119 Hester St.    

77 East 3rd St.    





July 13

July 21

my need for tender loving care at 6pm @77 e 3rd st

nature of being closing reception at 6pm @119 Hester St


No Deadline


June  8 -  June 30


Curatorial Team:
Eden Chinn
KT Kennedy

Featured Artists:
Ayanna Dozier
Emma Kanne
Lydia Nobles
Christl Stringer
Sharon Stevens
K Sarrantonio
Thank God For Abortion

Opening Reception
June 14th @ 6pm

NEW YORK, NY – All Street Gallery is pleased to present Autonomy – a group exhibition of artworks by Ayanna Dozier, Christl Stringer, Emma Kanne, K Sarrantonio, Lydia Nobles, and Thank God for Abortion. On view from June 8 - 30, 2024, the show explores the intersection of bodily autonomy, reproductive rights, and queer rights. Through a diverse range of mediums and perspectives, the featured artists confront and challenge conventional narratives surrounding sexuality, gender, and reproductive rights, advocating for a more expansive and fluid approach to agency and choice.

Thank God for Abortion, a design and strategy founded in 2015 by artist Viva Ruiz, presents bold costumes used in their demonstrations, as well as video documentation of the group in action. Framing the video piece are chants from their demonstrations, including their annual New York City Pride Parade float, contextualizing the pervasive need for abortion access across socio-economic statuses, sexual orientations, genders. By noting the varied populations that have abortions, the chants give color to an experience that is often flattened. 

Also on view is the inaugural piece from Lydia Nobles’ ongoing series entitled As I Sit Waiting, in which she documents peoples’ abortion stories and transforms them into sculptures. The sculpture, Lydia, is a modified Planned Parenthood waiting room chair, on a pedestal that mimics the tiled floor in the clinic. At the center of the chair is a tense, rubber knot, painted fleshy pinks that evoke visceral feelings of suspension and anticipation. 

Ayanna Dozier’s still life photographs, The Artist Must Search Deep Inside Himself for Inspiration (Color) and I Took Your Fuck Personally, address how disparities in testing for sexually transmitted diseases such as HPV disproportionately affect people with uteruses. Further, by preserving ephemera from sexual acts, Dozier points to the simultaneous rigid stigmatization of sexuality, gender imbalances in sexual health, and the existence of sex as an ephemeral act that passes through the body.

K Sarrantonio’s self portrait provides an intimate view into queer domesticity, asserting pregnant people’s ownership over their bodies in a culture that often sees pregnancy as a surrender of agency. Moreover, Sarrantonio’s self portrait, screen printed on ceramic tiles that are individually gridded and mounted on the wall, calls attention to the laboriousness and tediousness of its production process, aptly paralleling the domestic labor associated with parenting.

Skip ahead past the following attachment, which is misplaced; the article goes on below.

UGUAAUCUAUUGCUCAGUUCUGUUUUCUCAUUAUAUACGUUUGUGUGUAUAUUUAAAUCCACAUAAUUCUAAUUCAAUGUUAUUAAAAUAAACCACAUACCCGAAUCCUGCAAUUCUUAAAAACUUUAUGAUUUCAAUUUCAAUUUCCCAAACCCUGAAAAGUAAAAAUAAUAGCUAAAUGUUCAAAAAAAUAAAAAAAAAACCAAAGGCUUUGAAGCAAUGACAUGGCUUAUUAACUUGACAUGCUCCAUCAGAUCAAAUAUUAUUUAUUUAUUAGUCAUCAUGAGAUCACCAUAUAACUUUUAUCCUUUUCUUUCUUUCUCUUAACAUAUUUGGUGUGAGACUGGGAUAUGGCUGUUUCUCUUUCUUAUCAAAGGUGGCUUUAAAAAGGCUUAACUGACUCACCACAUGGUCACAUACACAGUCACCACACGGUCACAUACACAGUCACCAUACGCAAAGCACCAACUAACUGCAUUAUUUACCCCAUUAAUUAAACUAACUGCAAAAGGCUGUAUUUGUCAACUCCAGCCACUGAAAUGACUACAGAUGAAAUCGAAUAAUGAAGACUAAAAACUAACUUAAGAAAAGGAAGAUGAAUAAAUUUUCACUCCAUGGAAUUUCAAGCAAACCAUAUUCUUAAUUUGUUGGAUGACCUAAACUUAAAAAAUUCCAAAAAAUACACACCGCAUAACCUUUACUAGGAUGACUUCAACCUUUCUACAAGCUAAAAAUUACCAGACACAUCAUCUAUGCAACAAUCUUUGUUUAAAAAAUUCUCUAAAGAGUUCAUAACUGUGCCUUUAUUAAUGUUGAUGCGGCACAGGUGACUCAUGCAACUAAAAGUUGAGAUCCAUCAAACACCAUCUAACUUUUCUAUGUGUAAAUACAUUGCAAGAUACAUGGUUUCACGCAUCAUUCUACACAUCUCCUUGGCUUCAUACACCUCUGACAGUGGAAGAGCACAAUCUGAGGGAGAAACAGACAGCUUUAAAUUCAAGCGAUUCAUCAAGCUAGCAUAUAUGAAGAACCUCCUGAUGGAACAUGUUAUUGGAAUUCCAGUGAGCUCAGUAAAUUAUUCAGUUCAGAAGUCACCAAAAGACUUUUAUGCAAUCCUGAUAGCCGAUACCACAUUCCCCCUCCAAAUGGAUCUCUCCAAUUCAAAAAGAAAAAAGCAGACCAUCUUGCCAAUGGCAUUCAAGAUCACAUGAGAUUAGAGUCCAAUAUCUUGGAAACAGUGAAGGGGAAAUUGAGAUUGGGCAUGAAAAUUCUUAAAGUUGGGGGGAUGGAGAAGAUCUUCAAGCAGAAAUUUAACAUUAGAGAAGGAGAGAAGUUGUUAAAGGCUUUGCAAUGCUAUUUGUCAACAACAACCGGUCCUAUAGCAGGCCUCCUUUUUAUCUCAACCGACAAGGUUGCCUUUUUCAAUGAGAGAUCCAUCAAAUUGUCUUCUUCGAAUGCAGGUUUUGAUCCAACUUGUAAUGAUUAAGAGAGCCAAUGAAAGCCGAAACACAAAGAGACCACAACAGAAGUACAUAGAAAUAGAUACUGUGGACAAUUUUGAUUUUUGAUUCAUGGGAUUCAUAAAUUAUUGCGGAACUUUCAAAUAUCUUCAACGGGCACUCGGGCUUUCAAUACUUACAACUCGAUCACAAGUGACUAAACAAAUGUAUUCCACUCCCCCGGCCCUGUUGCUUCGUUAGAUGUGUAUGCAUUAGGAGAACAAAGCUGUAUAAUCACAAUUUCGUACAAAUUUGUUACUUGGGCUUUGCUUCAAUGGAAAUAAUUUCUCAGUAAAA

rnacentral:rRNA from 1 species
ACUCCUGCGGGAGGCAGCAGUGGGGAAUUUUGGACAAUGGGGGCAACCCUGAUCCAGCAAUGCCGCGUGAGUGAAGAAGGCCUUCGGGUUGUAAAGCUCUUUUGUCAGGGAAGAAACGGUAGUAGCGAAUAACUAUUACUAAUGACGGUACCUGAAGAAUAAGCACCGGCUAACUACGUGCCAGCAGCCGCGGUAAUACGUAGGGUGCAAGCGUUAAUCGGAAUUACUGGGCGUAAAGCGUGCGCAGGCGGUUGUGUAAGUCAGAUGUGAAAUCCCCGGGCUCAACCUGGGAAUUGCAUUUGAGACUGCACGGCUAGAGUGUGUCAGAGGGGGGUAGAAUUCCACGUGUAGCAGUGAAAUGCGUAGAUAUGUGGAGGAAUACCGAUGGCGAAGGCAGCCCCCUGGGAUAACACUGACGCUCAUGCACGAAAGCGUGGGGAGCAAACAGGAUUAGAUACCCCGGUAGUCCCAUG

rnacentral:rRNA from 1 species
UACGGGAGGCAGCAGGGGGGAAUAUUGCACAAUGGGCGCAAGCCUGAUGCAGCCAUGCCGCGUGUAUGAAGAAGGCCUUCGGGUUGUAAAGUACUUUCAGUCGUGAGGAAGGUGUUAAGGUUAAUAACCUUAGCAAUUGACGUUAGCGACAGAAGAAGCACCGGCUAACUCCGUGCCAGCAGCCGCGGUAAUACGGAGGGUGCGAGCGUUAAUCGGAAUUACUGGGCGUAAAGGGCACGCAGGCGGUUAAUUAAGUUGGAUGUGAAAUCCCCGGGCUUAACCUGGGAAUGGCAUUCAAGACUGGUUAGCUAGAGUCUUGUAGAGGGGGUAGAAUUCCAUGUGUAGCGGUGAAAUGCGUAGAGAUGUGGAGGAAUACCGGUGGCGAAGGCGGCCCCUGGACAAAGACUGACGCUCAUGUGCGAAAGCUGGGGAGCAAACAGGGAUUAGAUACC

Through photography, screenprinting, sculpture, textiles, and painting, Autonomy showcases the diversity of experiences within reproductive health for people with uteruses. Contrary to mainstream cultural, medical, and legal narratives that threaten the right to choice, the exhibition demonstrates that there is no single story that encapsulates such a breadth of experiences, each profound and expansive in their own right. The exhibition invites viewers to share their stories in written form and through workshops to continue generating narratives surrounding reproductive health and expand conceptions of bodily autonomy and its intersectionality. These stories will be composed in an exhibition catalog, with all proceeds being donated to Thank God for Abortion’s community efforts.

About All Street Gallery:

Founded in 2018, All Street NYC presents works by emerging and underrepresented artists whose works demonstrate social engagement and community empowerment. First established as an artist collective and grassroots protest organization by born and raised New Yorkers, All Street NYC is a space that is both created by and for artists. Having deep roots in New York City, the gallery and collective share a background in public art and activations as a means of creative protest and resistance. Such socially engaged work has carried into their gallery space as they opened their doors on 77 East Third Street, and as they now open their second location at 119 Hester Street.

For press and sales inquiries, please contact:

Eden Chinn